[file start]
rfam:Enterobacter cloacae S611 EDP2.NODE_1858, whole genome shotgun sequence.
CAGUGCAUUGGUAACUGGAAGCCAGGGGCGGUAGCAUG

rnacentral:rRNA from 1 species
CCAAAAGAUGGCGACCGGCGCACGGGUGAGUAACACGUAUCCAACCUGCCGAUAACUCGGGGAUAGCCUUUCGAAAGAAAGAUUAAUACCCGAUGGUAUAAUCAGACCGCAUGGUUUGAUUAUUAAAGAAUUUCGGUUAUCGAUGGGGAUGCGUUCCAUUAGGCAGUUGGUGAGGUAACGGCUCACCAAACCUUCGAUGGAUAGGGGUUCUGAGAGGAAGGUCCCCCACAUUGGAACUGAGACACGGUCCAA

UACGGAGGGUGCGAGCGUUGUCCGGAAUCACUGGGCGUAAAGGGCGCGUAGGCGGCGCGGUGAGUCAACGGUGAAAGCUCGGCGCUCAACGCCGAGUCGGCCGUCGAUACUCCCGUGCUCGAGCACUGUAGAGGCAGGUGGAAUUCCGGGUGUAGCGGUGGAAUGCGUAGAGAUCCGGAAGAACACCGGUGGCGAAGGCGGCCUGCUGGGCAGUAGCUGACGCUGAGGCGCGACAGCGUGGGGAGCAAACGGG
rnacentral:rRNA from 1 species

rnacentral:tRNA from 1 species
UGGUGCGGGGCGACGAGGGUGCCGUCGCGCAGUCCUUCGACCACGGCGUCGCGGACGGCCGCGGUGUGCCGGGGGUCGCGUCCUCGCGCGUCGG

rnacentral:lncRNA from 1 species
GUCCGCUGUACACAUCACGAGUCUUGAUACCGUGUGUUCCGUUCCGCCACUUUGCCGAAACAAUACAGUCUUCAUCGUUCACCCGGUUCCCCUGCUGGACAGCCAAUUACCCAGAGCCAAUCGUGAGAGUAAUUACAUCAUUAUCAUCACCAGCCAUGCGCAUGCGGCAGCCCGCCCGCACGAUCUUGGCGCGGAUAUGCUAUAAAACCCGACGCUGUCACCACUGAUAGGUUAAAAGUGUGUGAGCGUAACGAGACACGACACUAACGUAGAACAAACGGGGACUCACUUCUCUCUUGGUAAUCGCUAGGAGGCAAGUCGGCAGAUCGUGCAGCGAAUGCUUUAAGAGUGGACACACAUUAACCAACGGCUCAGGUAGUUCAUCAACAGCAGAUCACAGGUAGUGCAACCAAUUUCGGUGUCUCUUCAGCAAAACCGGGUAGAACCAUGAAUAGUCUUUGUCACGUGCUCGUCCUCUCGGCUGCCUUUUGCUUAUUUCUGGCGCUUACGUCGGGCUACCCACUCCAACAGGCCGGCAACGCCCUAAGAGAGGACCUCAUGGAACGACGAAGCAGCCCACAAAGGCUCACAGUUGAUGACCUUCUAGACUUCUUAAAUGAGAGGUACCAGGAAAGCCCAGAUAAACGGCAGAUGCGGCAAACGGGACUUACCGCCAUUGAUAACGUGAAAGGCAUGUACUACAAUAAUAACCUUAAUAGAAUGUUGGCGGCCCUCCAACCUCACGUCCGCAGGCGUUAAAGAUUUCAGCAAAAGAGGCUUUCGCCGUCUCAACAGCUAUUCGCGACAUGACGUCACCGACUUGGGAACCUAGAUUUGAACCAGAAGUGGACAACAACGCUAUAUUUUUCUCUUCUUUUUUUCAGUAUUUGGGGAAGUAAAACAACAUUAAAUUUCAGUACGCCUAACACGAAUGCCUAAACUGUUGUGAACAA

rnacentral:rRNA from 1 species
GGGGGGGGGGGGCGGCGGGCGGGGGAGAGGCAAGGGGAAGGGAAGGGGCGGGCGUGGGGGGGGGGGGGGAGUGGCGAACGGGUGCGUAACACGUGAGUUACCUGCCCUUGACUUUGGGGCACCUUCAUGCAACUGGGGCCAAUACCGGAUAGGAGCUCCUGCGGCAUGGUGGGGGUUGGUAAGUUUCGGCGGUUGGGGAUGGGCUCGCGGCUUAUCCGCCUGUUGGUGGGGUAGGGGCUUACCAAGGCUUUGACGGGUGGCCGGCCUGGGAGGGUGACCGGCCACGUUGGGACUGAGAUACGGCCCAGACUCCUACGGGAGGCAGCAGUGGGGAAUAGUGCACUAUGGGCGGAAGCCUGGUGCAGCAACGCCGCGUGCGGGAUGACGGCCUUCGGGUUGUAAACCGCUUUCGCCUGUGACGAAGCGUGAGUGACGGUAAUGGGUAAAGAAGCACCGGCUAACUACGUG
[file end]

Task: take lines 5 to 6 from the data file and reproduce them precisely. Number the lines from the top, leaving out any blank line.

UACGGAGGGUGCGAGCGUUGUCCGGAAUCACUGGGCGUAAAGGGCGCGUAGGCGGCGCGGUGAGUCAACGGUGAAAGCUCGGCGCUCAACGCCGAGUCGGCCGUCGAUACUCCCGUGCUCGAGCACUGUAGAGGCAGGUGGAAUUCCGGGUGUAGCGGUGGAAUGCGUAGAGAUCCGGAAGAACACCGGUGGCGAAGGCGGCCUGCUGGGCAGUAGCUGACGCUGAGGCGCGACAGCGUGGGGAGCAAACGGG
rnacentral:rRNA from 1 species